This blood-flecked ballet of madness is choreographed largely by actors Uwais and Ruhian, the former of whom is a deservedly rising star, and both of whom are phenomenal fighters with a theatrical way of expressing character through their combat styles. This characteristic proves crucial to the film's broader success, as the unexpectedly distinctive characters of our heroes and villains gives it an appeal outside of its technical accomplishments. The small list of principals and the relative anonymity of their followers only increases our isolation within the huge and echoing complex – whenever someone we know goes down, we're that much closer to being alone with the truly frightening hordes of criminal scum that won't leave the SWAT cops alone. Tama is marvelous, practical and unromantic in his lack of principle or moral conscience; his almost Shakespearean, gravelly fiats delivered via intercom are frightening and grimly hilarious. Good, restrained, stoic turns by, again, Uwais and Ruhian make their eventual confrontation sincerely interesting. Uwais' Rama flashes back to his pregnant wife and his prayer mat – as one commentator pointed out, he's the first devoutly Muslim action hero I can recall on screen – and it manages to pass the territory of schmaltz into a sincere portrait of a shy, retiring young man whose obsession with his job is threatening his domestic peace. Mad Dog, on the other hand, is played by Ruhian as a genially psychotic sadist – holding a gun on one cop, he sighs and drops it before starting to warm up. Noticing the quizzical cop's expression, he justifies his actions – "Killing a man with a gun, it's like ordering take out." The supporting cast make the most of a sparse, efficient, but compellingly muscular script – those institutionally despairing of testosterone unleashed may well throw up their hands, but it accomplishes all that the film needs it to and makes us care about these men.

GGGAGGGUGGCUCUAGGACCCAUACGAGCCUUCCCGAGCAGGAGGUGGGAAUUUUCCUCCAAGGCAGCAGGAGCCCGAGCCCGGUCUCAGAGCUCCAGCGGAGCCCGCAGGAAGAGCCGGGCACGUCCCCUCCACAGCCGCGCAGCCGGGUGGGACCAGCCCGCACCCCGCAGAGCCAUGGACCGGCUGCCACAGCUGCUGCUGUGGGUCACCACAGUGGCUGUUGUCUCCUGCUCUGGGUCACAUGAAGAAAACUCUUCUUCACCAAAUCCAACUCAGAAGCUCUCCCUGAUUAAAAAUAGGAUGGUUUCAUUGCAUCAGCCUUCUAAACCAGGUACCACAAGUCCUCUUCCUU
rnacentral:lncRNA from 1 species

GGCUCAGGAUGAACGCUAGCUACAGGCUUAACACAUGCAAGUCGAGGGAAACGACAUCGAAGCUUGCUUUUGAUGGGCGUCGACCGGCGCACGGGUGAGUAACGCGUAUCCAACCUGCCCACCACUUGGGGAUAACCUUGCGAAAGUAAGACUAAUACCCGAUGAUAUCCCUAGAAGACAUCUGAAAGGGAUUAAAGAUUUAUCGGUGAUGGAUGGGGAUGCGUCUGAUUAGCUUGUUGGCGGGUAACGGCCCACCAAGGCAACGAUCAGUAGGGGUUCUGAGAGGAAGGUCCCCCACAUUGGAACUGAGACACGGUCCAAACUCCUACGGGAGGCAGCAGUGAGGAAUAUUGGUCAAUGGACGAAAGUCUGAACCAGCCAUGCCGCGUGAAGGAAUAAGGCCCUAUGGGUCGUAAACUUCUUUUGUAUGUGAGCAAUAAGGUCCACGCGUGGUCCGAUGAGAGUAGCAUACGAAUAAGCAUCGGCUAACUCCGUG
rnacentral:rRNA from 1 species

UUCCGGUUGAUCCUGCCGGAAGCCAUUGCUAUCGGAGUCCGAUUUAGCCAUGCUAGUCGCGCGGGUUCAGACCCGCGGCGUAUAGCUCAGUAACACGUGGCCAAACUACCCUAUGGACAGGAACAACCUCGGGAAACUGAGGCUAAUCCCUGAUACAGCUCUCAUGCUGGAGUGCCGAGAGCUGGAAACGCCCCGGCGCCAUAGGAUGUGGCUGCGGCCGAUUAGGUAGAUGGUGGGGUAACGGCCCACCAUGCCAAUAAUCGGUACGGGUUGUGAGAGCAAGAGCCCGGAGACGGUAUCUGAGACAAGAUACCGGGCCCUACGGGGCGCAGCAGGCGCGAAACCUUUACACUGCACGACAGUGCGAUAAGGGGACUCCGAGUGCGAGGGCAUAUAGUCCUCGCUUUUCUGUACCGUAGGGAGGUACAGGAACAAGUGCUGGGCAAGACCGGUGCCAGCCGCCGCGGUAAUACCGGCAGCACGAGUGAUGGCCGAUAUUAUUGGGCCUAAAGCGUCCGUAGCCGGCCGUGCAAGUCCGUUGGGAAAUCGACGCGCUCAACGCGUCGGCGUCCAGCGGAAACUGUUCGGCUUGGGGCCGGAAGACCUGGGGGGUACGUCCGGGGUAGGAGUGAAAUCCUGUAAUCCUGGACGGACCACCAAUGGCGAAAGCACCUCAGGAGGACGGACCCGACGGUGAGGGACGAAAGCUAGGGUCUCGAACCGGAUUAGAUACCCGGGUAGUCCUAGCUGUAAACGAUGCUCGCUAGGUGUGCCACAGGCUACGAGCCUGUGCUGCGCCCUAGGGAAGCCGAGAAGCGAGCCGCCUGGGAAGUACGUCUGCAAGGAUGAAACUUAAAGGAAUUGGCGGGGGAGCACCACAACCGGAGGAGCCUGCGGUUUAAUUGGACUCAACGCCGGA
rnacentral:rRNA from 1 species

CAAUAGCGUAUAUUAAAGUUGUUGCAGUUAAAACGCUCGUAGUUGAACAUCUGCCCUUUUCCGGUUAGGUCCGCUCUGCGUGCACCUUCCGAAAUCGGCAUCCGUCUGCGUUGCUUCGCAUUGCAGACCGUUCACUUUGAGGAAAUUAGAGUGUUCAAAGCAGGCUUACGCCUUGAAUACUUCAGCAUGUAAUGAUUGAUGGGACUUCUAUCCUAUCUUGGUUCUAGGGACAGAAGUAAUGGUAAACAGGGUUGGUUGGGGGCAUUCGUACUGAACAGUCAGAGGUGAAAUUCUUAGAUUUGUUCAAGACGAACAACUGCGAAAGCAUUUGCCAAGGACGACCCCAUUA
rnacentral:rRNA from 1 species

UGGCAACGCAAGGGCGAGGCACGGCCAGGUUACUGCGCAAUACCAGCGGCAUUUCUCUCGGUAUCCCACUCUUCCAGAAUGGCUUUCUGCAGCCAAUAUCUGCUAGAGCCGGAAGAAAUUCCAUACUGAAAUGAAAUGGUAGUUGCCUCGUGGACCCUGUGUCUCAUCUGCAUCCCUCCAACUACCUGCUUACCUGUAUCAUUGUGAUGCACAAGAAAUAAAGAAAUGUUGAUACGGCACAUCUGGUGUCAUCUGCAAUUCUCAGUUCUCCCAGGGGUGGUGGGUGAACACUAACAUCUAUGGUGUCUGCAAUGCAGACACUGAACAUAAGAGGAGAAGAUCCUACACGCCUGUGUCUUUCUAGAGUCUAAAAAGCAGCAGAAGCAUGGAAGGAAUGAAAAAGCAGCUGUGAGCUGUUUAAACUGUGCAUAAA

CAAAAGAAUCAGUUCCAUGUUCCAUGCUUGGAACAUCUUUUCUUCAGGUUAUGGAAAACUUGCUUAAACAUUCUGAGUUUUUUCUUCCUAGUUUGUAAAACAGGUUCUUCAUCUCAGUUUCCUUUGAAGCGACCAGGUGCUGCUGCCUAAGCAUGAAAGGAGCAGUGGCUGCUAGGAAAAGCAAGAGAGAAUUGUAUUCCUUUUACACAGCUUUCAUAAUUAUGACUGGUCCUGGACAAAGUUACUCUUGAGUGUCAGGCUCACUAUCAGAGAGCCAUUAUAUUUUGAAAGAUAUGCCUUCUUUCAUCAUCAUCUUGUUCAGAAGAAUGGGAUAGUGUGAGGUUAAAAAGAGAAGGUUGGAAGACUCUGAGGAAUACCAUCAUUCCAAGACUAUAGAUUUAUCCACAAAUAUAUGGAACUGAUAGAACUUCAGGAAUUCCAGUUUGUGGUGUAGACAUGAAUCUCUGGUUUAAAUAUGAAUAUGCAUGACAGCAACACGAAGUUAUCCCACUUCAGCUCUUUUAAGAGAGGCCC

Evans' direction of all this swirling energy, however – as well as his writing, which seems to survive its Indonesian translation relatively intact – passes accomplishment into nervy, amphetamine-laced excellence. The brooding, Brutalist concrete mass of the tower complex is shot to resemble some huge cliff face to climb or a medieval citadel, making the ordeals inside that much more appropriate and nerve-wracking. Clever touches of slow motion and the excellent use of chiaroscuro (huge skylights dribble dust-choked sunbeams between shadowed, hulking balconies) allow for a constant sense of paranoia about the vulnerability of characters, as we are allowed to miss crucial background details just as they do. When the melee becomes general, multiple cameras capture the three-dimensional pursuit as walls, ceilings and floors are ripped apart and barrelled through by dealers, troopers, victims, and assorted unfortunate bystanders. It's almost like Stalingrad, where truly urban warfare resulted in seperate floors of multi-story houses being the site of vicious fights over minute shifts in location. For a non-native speaker with little background in the region, it's amazing how believably Evans insinuates Indonesian concerns about the drug culture, the social cost of poverty and police corruption in around the edges of his film. It suggests real life without allowing it to distract from or devalue the gloriously abandoned gunplay and punchery on display.
In short, while it will likely be snubbed at any sort of reputable awards show, the film is 100 minutes of distilled bliss. Next time 'Non-Socially-Constructive Movie Night' rolls along – and if this ever gets a wider release (COME ON NICHE IMPORTERS) – I cannot recommend it highly enough.